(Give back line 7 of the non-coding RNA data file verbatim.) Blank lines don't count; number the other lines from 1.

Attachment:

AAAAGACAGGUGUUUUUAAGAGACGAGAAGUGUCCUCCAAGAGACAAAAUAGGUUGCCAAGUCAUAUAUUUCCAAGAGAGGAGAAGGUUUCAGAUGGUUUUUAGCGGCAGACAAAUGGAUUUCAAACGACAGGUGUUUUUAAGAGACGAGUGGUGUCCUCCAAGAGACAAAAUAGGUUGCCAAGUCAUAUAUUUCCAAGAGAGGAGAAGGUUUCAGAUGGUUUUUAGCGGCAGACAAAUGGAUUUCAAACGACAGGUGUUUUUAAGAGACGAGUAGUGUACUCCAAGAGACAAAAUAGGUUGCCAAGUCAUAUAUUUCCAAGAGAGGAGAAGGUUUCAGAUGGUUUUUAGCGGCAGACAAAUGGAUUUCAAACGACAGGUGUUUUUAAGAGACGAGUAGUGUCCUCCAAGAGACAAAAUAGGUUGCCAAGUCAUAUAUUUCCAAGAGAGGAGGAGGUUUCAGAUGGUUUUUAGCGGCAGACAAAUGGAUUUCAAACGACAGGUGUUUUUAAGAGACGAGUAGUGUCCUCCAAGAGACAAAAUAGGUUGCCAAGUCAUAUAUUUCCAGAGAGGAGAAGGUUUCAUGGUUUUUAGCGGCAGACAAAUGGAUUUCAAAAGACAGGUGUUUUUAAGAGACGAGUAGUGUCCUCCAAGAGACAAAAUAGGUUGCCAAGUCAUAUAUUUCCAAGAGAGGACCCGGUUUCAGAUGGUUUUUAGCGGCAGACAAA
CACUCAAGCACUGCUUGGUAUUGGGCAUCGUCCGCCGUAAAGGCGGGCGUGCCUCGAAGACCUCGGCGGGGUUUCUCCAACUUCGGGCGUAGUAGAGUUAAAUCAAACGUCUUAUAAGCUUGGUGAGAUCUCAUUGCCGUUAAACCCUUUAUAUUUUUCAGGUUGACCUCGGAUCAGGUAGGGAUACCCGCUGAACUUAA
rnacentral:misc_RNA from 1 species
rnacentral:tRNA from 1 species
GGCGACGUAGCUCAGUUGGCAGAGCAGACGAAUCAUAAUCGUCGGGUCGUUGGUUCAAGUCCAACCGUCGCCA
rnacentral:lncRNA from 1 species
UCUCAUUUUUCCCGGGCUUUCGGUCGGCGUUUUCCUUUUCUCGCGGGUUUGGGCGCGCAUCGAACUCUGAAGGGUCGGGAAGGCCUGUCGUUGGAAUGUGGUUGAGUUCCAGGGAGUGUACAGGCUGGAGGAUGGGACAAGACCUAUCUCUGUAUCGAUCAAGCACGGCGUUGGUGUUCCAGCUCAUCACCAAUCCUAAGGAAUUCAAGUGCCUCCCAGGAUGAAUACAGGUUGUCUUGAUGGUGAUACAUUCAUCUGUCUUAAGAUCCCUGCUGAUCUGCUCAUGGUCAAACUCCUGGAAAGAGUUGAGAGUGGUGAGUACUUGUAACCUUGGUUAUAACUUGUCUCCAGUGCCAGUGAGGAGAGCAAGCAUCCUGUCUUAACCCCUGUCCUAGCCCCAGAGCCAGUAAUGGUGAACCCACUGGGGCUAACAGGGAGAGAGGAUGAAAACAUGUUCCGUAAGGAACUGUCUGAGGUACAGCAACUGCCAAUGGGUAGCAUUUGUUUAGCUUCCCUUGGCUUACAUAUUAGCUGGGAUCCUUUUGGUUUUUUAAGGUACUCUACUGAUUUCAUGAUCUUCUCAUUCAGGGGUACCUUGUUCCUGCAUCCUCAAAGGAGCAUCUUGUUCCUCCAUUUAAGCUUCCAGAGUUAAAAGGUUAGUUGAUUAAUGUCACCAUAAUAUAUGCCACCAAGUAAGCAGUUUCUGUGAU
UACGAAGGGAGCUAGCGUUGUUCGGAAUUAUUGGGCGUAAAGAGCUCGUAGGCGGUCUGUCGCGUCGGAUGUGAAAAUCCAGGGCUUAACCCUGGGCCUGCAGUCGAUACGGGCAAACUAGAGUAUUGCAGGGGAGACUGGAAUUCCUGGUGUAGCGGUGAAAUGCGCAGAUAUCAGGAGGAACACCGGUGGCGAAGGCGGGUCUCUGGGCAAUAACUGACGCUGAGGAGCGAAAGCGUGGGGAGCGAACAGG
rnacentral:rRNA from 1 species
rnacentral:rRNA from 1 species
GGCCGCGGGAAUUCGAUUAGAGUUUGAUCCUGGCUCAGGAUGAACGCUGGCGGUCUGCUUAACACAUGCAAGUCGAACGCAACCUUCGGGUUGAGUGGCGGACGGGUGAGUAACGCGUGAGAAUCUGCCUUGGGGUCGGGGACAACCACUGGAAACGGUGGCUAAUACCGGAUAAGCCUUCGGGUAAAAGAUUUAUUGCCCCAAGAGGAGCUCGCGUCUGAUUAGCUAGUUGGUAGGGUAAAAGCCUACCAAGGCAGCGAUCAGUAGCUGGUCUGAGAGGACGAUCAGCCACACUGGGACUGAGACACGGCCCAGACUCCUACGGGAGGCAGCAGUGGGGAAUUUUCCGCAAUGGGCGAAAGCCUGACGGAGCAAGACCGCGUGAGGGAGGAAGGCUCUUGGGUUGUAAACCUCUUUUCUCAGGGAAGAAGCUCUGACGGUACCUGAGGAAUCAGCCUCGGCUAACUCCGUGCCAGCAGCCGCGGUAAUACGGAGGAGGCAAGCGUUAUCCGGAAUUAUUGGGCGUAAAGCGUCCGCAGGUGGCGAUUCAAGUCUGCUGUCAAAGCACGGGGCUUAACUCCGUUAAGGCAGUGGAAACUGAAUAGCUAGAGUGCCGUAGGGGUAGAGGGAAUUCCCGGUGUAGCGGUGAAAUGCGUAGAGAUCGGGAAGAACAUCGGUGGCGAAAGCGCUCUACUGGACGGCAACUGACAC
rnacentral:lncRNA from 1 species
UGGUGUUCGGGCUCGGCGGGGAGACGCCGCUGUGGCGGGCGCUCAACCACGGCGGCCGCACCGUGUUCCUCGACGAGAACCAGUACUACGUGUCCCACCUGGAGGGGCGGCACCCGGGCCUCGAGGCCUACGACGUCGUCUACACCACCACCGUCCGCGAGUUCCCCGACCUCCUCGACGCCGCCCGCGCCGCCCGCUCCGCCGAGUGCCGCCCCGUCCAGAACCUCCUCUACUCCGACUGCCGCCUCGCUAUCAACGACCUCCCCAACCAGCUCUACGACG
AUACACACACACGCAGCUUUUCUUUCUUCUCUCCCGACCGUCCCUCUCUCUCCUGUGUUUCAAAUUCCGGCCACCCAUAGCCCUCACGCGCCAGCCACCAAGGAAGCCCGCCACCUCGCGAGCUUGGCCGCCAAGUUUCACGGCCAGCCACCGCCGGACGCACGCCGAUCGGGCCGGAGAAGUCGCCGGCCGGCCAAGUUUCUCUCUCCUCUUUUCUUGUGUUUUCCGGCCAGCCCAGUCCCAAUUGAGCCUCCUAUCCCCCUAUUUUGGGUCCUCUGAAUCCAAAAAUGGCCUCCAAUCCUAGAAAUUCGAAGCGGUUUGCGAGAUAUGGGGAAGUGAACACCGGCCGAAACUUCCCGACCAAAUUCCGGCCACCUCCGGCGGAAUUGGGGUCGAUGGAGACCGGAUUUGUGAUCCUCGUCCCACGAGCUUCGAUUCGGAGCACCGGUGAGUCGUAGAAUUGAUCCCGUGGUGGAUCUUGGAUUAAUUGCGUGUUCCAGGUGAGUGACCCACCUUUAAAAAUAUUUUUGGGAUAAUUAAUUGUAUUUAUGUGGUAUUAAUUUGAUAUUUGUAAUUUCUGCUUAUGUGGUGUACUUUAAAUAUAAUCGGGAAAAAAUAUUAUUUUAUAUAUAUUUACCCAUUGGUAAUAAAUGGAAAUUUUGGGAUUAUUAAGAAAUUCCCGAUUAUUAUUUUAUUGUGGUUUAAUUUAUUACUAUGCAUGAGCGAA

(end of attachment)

UCUCAUUUUUCCCGGGCUUUCGGUCGGCGUUUUCCUUUUCUCGCGGGUUUGGGCGCGCAUCGAACUCUGAAGGGUCGGGAAGGCCUGUCGUUGGAAUGUGGUUGAGUUCCAGGGAGUGUACAGGCUGGAGGAUGGGACAAGACCUAUCUCUGUAUCGAUCAAGCACGGCGUUGGUGUUCCAGCUCAUCACCAAUCCUAAGGAAUUCAAGUGCCUCCCAGGAUGAAUACAGGUUGUCUUGAUGGUGAUACAUUCAUCUGUCUUAAGAUCCCUGCUGAUCUGCUCAUGGUCAAACUCCUGGAAAGAGUUGAGAGUGGUGAGUACUUGUAACCUUGGUUAUAACUUGUCUCCAGUGCCAGUGAGGAGAGCAAGCAUCCUGUCUUAACCCCUGUCCUAGCCCCAGAGCCAGUAAUGGUGAACCCACUGGGGCUAACAGGGAGAGAGGAUGAAAACAUGUUCCGUAAGGAACUGUCUGAGGUACAGCAACUGCCAAUGGGUAGCAUUUGUUUAGCUUCCCUUGGCUUACAUAUUAGCUGGGAUCCUUUUGGUUUUUUAAGGUACUCUACUGAUUUCAUGAUCUUCUCAUUCAGGGGUACCUUGUUCCUGCAUCCUCAAAGGAGCAUCUUGUUCCUCCAUUUAAGCUUCCAGAGUUAAAAGGUUAGUUGAUUAAUGUCACCAUAAUAUAUGCCACCAAGUAAGCAGUUUCUGUGAU